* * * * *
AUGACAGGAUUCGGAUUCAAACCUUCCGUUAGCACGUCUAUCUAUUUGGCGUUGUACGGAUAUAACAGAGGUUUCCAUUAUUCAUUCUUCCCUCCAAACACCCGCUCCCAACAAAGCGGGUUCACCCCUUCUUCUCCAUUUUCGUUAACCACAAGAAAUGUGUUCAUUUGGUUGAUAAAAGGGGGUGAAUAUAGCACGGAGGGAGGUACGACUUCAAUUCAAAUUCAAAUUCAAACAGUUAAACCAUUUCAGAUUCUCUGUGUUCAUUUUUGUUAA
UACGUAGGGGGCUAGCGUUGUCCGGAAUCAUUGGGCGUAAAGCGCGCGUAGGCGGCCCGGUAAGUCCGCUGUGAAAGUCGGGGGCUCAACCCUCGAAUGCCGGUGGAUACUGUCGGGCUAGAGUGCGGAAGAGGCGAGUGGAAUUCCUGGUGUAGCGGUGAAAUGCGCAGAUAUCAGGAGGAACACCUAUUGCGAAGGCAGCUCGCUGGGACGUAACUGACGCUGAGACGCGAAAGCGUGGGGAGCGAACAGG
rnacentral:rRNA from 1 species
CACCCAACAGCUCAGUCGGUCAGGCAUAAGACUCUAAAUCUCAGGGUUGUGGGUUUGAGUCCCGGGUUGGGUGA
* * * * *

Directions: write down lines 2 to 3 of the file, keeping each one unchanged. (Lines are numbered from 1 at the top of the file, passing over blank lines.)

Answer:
UACGUAGGGGGCUAGCGUUGUCCGGAAUCAUUGGGCGUAAAGCGCGCGUAGGCGGCCCGGUAAGUCCGCUGUGAAAGUCGGGGGCUCAACCCUCGAAUGCCGGUGGAUACUGUCGGGCUAGAGUGCGGAAGAGGCGAGUGGAAUUCCUGGUGUAGCGGUGAAAUGCGCAGAUAUCAGGAGGAACACCUAUUGCGAAGGCAGCUCGCUGGGACGUAACUGACGCUGAGACGCGAAAGCGUGGGGAGCGAACAGG
rnacentral:rRNA from 1 species